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Middle grade living books for physics

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My son is a strong reader and has enjoyed going beyond the textbook in biology and chemistry with living books. However, I want something like The Mystery of the Periodic Table for physics. I'm not looking for theoretical physics or astrophysics, just the basics. Nor do I want stand alone "science" books on the topics. I'd like something narrative. Here are our topics:


motion, forces and energy

thermal energy and heat








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There was an excellent book in our HI library called Surf Science: An Introduction to Waves for Surfing. I was impressed by the quantity of wave theory and force/momentum discussions that it had. My bff who was a surfer girl said it was a popular title among the hard core surfers she knew.


The older book All About Radio and Television has a surprisingly good section on wave propagation and atmospherics.


There was a cool new book in our library about the technical aspects of outfitting humans for space exploration. I will see if I can find the title when I'm there next time.

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A Short History of Nearly Everything by Bryson is a good read or good audio. Be warned that those scientists often led, oh, colorful lives, shall we say? It's always in passing but there are a few few "he married a 14yr old girl" "He ran off with a young woman" "She had an adulterous affair" statements, if that sort of thing bothers you.

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What about the books that debunk the science or physics of popular science fiction shows or holidays? I'm thinking, for example of the Physics of Star Trek or the Physics of Christmas (how fast the sleigh would have to go and how much friction the atmosphere would be generating heat on the deer).


How Buildings Stand Up and Why Buildings Fall Down (by Salvadori) might be good options.


Ed Zaccaro has 10 Things All Future Mathematicians and Scientists Must Know (But Are Rarely Taught).


What about Carry On Mr Bowditch? I find that this is a great science/math biography.

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We're doing Physics next year. I was browsing at B&N last night and went to look for the Cartoon Guide to Physics. I've never gotten any of those cartoon guides because they didn't seem like they'd capture the attention of my older two, but my youngest is a whole different kid, and I thought cartoon might be the way to go.


I didn't end up getting the Cartoon Guide - because I found these I liked even better...


The Manga Guide to Physics




Relativity and Quantum Physics for Beginners


though after reading the Amazon reviews I think I'm going to return the latter and get some of the books from this series instead (I didn't see them at B&N) - they look approachable and fun for some of the higher level concept stuff (where I'm not really expecting them to "get" it yet but have an introduction that might spark more interest).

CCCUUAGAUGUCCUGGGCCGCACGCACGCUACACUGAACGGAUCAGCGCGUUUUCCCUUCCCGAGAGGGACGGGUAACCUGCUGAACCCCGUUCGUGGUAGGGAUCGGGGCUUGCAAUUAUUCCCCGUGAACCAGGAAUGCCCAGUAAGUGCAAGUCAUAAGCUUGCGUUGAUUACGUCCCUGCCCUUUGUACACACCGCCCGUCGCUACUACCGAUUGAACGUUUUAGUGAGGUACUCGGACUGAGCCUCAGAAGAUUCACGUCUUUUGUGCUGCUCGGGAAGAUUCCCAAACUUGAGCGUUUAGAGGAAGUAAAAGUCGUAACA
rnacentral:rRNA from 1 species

The Manga series gets great reviews and has a much cleaner layout than the Cartoon guides.


I also really really like Thinking Physics - mine's currently out on loan to a friend who's studying for her certification to teach high school Physics. She says she's loving it and finding it very helpful.

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Did you know that you can search books by subject/age on amazon? There are just so many titles that you can search until you find books that meet your child's reading level and interest very easily.


Here is a link to a search I did for children's physics for ages 9-12 and young adult. (to modify the search, look at the column on the left. You can eliminate the 9-12 or the young adult to narrow your search results)



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Thanks Sebastian! I'm going to look these up, they seem to be more "mechanics" and less astrophysics/theoretical physics. Thanks


What about something related to space exploration like October Sky (some s*xual content), or The Right Stuff?


Or the new book about the demotion of Pluto as a planet. Or the books by Dava Sobel about Longitude or the Planets.


My bil is an astrophysicist. He spends his time working with neutrinos. One of his projects was using non-visible radiation to locate distant stars. There is a fine line between astronomy and physics (if there is any line at all).

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There is a fine line between astronomy and physics (if there is any line at all).


I didn't realize that until this yr. Ds is taking astronomy this yr after alg based physics last yr. Oh my goodness, astronomy is a ton of physics. He LOVES it. I think he has learned an equal amt of applied physics via the astronomy course that he did in his physics course last yr. (different but the same, if that makes any sense.)

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